One of them is being locally attuned and responsive; the most successful organisms certainly are. One of them has to do with the prevalence of cooperation over competition. Organisms that really are in a situation where they have limited resources, for instance. You'll see in a forest organisms that are staying on the landscape for long periods of time, they hook up into symbiotic relationships with one another.

Competition is something that organisms move through very quickly; different species of organisms move through quickly. They don't want to fight for the same clam on the same shoreline at exactly the same time. So over time they cooperate and they differentiate: one comes during the day and one comes at night. That's a form of sharing the habitat.

Life builds from the bottom up and life builds cellularly. There's a reason for that. Modularity, which you're now seeing as a real craze in architecture; building in ways that can be expanded or contracted as your building needs change, because you're building in small squares that can add on to one another or be taken away. That's something you see all the time.

Another deep principle is life's ability to be resilient. In ecology resilience has a very particular definition, and what it means is the ability to bounce back from disturbance and maintain your essential integrity. Your essential soul in a sense.

Say you have a tsunami and it hits two coral reefs simultaneously. They both break down completely, but the one on the left comes back and it's a coral reef again. The one on the right doesn't come back as a coral reef. It turns into a sea grass bed or something. What is it about the one on the left?

Well, when you look into it (and we talk a lot with companies these days about this) you find some very particular characteristics about the ecosystem on the left. The one that can bounce back. One of them has to do with diversity, maintaining certain kinds of diversity. Like in a company for instance. When times get tough people tend to fire the person who has what they see as an expendable skill: “Oh we already have one of those, we can fire this one.”
In a field or a meadow for instance, there's not just one organism that fixes nitrogen, there's 10 or 12 that do the same thing. It's called functional diversity. And the reason is that not all of them will do well in a drought, but you still need to get nitrogen fixed in that field. So there are different ways of thinking about diversity.

We turn those meta-principles into a design checklist. If you turn the principles around you can say to yourself, “OK, whatever I'm working on,” maybe you're building your house or working on a garden, “does my project run on sunlight? Does my project use information instead of more stuff? Can my project adapt over time?” Those sorts of things.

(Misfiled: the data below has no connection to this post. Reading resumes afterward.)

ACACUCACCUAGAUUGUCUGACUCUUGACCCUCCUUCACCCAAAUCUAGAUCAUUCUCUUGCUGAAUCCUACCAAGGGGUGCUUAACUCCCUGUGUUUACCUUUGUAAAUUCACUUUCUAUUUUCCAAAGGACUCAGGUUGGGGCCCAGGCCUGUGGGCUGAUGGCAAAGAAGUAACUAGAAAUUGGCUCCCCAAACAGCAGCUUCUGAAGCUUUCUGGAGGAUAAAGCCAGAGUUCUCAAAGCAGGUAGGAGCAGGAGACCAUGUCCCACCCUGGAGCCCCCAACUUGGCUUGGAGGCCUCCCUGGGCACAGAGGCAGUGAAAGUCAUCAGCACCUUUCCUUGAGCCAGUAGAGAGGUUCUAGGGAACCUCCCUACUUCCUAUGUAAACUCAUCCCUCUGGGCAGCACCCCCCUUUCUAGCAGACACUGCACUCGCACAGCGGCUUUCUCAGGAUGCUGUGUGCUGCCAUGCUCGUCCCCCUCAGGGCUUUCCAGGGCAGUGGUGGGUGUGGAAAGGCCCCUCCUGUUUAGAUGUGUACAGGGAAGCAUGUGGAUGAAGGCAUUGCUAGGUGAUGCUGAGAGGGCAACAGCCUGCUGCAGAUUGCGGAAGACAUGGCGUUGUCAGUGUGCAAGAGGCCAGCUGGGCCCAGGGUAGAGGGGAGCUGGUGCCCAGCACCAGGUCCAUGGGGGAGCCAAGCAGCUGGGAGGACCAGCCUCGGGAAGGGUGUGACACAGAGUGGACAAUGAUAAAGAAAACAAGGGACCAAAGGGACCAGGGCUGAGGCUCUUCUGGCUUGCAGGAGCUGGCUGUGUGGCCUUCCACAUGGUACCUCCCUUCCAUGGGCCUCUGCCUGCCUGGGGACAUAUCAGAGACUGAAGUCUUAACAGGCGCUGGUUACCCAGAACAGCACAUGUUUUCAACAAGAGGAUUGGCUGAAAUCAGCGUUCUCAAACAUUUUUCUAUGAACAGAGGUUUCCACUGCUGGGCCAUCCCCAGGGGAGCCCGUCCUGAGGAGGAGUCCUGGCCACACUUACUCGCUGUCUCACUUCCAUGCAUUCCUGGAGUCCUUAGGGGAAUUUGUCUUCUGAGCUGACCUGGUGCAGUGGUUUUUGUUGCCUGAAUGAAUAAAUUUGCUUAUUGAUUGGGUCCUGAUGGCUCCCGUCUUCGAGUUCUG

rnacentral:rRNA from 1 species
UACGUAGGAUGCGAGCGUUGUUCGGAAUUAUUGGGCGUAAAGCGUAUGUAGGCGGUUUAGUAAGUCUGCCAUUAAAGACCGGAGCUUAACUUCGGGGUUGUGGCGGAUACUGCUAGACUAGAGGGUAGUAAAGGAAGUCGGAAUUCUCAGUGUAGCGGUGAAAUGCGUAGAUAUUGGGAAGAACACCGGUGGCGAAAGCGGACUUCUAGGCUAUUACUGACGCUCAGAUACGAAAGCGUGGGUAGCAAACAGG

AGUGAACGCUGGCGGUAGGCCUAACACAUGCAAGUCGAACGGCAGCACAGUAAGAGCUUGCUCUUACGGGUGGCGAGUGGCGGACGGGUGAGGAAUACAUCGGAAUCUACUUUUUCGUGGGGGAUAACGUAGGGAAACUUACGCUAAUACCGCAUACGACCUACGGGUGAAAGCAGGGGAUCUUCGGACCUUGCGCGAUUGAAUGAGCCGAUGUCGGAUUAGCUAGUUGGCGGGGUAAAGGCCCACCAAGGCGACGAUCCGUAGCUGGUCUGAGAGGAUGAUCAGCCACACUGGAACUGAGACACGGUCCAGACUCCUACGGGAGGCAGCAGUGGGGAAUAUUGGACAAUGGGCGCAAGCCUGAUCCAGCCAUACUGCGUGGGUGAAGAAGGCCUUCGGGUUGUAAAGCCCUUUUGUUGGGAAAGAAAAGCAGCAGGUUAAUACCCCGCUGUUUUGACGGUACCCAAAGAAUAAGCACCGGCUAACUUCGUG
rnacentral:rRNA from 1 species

Go to the Biomimicry Institute website, which is the nonprofit. Search around for life's principles and you'll see that list. Use it as a checklist for your next project.

TreeHugger: What is Innovation for Conservation?

Benyus: It is like the most exciting thing for me right now. There are so many great things going on in biomimicry. I'll tell you, it's fun. Innovation for Conservation is a way of saying thank you to these organisms. It's a program that is coming out through the Biomimicry Institute. What it encourages companies to do is donate a percentage of their proceeds—say they have a bio-inspired product—to the organism that inspired it.

Mercedes-Benz has a concept of car that is based on a coral reef fish called the box fish. It's an amazingly slippery, really hydrodynamic shape that comes from the box fish. They studied it in tanks and literally that was the mentor. A percentage of that, if that car gets manufactured, should go back to conserve coral reef habitat. I think it's just good manners.

We think a lot about the process of biomimicry and how it starts with quieting human cleverness so that you can hear these organisms and their good ideas. Then you listen, study them, then you emulate them. But there needs to be that fourth step which is saying thank you. Giving credit where credit is due, because the patent holder really is the organism. Right?

And the habitat that they live in is the wellspring of wisdom. It's the wellspring of the next phenomenal Earth-savvy idea. It's kind of like putting tobacco out at the edges of your tepee and saying thank you for what you have been given. I also think it's going to raise a lot of money for conservation.

Audio version: